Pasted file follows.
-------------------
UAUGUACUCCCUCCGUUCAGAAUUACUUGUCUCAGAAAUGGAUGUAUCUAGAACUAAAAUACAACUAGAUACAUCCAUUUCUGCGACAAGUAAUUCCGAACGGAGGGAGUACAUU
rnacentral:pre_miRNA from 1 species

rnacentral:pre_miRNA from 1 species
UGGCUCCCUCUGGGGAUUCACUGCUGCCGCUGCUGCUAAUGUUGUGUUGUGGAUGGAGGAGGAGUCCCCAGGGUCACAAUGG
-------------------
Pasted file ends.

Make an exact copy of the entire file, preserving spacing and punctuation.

UAUGUACUCCCUCCGUUCAGAAUUACUUGUCUCAGAAAUGGAUGUAUCUAGAACUAAAAUACAACUAGAUACAUCCAUUUCUGCGACAAGUAAUUCCGAACGGAGGGAGUACAUU
rnacentral:pre_miRNA from 1 species

rnacentral:pre_miRNA from 1 species
UGGCUCCCUCUGGGGAUUCACUGCUGCCGCUGCUGCUAAUGUUGUGUUGUGGAUGGAGGAGGAGUCCCCAGGGUCACAAUGG